The English language is a fascinating language and its rules have continued to evolve over time. Oxford dictionaries recently introduced over a hundred new words and got us thinking about the other end of the spectrum; old words.
Some words have been around for so long that their meanings have actually changed from when they actually came on the scene. It is not an unusual thing to have the meaning of a word change over time but these old words in question have come a long way from where they initially started.
Here are Five Old Words that do not Mean what they Used to;
When girl meant a girl or a boy
When the word ‘girl’ first appeared in the language, in the Middle English period, it was used to mean ‘child’. It did not take any note of gender until the early 15th century when the word ‘boy’, which also falls squarely into the old words with changed meanings category, began to be used to refer to a young man. A ‘boy’ initially referred to a slave or a man of lowly birth.
When a cupboard meant a table
In a very literal definition, a cupboard initially referred to a board where cups were placed; basically, a table. In the early 16th century for no apparent reason, that meaning began to disappear from the language. Soon enough, a cupboard took its very literal meaning but instead evolved to mean a covered recess in which cups were stored. The meaning would come to encapsulate all the many things that were stored in a cupboard until only the fact that it is “a recess with a door and usually shelves, used for storage” really mattered.
When a moment was exactly 90 seconds
Chances are that when you tell someone that you will be with them in a moment, you are not referring to an exact amount of time. Back in the medieval period, the 24 hours of the day were each divided into four 15-minute segments known as points, each of which in turn was divided into 10 shorter segments known as moments. By that rather exact calculation, a moment meant one fortieth of an hour or exactly 90 seconds. Right now it just means a short period of time.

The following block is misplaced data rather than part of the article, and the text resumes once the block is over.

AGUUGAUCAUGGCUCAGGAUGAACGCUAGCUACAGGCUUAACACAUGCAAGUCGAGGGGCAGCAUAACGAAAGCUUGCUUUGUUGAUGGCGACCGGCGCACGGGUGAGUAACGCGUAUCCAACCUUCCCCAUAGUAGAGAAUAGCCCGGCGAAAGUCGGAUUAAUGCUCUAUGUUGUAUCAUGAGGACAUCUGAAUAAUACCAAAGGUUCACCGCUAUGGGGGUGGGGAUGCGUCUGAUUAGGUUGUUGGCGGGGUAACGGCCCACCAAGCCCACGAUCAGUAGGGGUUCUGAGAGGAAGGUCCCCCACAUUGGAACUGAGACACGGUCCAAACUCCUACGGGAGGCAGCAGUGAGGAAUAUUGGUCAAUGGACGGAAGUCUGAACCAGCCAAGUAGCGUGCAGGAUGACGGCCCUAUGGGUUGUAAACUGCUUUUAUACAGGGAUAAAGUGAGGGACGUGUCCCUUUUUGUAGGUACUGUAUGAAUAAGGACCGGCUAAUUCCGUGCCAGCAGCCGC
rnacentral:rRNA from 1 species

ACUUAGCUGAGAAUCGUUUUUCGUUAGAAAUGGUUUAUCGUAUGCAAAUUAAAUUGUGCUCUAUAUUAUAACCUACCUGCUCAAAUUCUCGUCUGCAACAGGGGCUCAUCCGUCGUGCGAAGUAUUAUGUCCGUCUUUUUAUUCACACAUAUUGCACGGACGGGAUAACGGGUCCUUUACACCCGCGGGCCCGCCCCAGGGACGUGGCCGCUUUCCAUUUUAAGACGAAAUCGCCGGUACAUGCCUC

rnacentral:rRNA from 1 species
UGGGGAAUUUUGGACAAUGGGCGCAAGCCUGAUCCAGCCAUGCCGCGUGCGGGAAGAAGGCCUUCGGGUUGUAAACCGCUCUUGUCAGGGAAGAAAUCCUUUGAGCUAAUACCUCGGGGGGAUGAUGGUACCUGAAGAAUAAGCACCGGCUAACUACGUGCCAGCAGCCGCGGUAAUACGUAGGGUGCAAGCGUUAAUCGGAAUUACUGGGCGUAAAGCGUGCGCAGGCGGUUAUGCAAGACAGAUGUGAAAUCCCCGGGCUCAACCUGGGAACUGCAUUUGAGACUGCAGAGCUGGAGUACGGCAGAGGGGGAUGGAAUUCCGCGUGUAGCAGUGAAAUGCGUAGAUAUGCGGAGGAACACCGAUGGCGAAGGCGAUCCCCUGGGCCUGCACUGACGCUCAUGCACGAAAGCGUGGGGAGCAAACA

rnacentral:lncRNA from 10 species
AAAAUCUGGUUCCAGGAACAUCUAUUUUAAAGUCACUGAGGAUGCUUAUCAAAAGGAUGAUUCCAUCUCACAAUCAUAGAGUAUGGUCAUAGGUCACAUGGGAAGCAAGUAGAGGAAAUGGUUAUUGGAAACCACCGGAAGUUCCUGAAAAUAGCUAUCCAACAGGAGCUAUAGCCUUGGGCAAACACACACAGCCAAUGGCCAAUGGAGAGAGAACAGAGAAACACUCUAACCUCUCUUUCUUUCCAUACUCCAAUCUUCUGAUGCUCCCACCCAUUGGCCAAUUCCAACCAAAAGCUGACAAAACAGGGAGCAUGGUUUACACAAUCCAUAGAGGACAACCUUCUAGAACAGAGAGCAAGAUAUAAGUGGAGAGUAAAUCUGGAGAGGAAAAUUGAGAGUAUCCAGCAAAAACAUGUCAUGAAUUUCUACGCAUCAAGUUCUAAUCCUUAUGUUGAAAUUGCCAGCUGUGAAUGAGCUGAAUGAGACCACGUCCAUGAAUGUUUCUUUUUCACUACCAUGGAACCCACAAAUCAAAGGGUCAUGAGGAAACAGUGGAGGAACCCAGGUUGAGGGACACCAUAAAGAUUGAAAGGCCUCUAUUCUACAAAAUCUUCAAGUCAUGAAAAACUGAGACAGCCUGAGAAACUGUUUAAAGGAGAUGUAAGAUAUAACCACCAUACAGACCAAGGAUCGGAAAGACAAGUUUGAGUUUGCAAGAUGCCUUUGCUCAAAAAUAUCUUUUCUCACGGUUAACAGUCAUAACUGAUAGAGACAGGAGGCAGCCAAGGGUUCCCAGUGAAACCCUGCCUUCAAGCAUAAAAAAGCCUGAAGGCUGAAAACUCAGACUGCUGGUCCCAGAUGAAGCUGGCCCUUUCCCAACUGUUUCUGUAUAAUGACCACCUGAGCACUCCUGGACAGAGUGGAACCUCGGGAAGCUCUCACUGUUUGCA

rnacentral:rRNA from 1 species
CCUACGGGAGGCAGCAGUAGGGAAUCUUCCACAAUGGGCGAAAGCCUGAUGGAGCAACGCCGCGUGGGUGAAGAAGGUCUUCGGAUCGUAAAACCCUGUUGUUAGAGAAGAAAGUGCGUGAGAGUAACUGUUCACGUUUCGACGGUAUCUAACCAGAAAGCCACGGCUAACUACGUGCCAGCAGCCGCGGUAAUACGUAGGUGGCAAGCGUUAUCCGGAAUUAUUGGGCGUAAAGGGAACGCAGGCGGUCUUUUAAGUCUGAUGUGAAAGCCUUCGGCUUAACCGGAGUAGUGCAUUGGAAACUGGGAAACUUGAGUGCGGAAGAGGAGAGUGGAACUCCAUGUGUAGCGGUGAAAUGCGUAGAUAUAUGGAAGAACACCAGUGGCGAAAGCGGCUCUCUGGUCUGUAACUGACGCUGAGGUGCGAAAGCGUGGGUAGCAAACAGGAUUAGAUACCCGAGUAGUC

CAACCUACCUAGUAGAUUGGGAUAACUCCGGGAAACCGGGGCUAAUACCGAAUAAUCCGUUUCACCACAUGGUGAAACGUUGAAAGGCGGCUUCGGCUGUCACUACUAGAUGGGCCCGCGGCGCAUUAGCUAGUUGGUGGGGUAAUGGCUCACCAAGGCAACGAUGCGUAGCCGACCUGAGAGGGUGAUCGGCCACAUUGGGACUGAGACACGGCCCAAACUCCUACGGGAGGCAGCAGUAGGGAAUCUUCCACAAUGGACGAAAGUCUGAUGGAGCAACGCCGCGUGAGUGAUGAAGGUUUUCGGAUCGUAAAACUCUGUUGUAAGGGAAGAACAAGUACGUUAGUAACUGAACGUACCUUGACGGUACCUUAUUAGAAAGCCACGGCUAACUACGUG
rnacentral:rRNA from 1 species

When a blockbuster was a bomb
Another case of moving from a very literal meaning to one that is not so much. A blockbuster originally meant a bomb that was large enough to destroy (bust) an entire block of buildings. Of course, that is a very devastating, some may say impressive, effect on the block in question and this formed the foundation for the figurative usage of blockbuster that has left us with the meaning we are accustomed to today; “a thing of great power, most especially, a film, book, or other product that is a great commercial success.”
When a treadmill was prison punishment
Some people will still argue that working to burn calories on a treadmill is a kind of punishment but the original treadmill was, actually, an enormous man-powered mill used for tasks such as crushing rocks and grinding grain. The term was resurrected and repurposed in the 50s after a post-war trend of health and fitness. It was applied to a gym equipment comprised of a (seemingly endless) foot-powered belt like the original treadmill.